Material defects in end products can quickly result in failures in many areas of industry, and have a massive impact on the safe use of their products. This is why, in the field of quality assurance, intelligent, nondestructive sensor systems play a key role. They allow testing components and parts in a rapid and cost-efficient manner without destroying the actual product or changing its surface. Experts from the Fraunhofer IZFP in Saarbrücken will be presenting two exhibits at the Blechexpo in Stuttgart from 7–10 November 2017 that allow fast, reliable, and automated characterization of materials and detection of defects (Hall 5, Booth 5306).

When quality testing uses time-consuming destructive test methods, it can result in enormous costs due to damaging or destroying the products. And given that...

Im Focus: Cold molecules on collision course

Using a new cooling technique MPQ scientists succeed at observing collisions in a dense beam of cold and slow dipolar molecules.

How do chemical reactions proceed at extremely low temperatures? The answer requires the investigation of molecular samples that are cold, dense, and slow at...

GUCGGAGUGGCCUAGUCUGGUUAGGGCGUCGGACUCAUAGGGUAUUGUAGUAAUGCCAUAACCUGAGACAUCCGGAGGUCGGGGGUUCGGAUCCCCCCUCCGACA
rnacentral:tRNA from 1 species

Im Focus: Shrinking the proton again!

Scientists from the Max Planck Institute of Quantum Optics, using high precision laser spectroscopy of atomic hydrogen, confirm the surprisingly small value of the proton radius determined from muonic hydrogen.

It was one of the breakthroughs of the year 2010: Laser spectroscopy of muonic hydrogen resulted in a value for the proton charge radius that was significantly...

All Focus news of the innovation-report >>>

Anzeige

Anzeige

Event News

ASEAN Member States discuss the future role of renewable energy

17.10.2017 | Event News

World Health Summit 2017: International experts set the course for the future of Global Health

10.10.2017 | Event News

Climate Engineering Conference 2017 Opens in Berlin

10.10.2017 | Event News

 
Latest News

Shallow soils promote savannas in South America

20.10.2017 | Earth Sciences

How Obesity Promotes Breast Cancer

20.10.2017 | Life Sciences

How the smallest bacterial pathogens outwit host immune defences by stealth mechanisms

20.10.2017 | Life Sciences

VideoLinks
B2B-VideoLinks
More VideoLinks >>>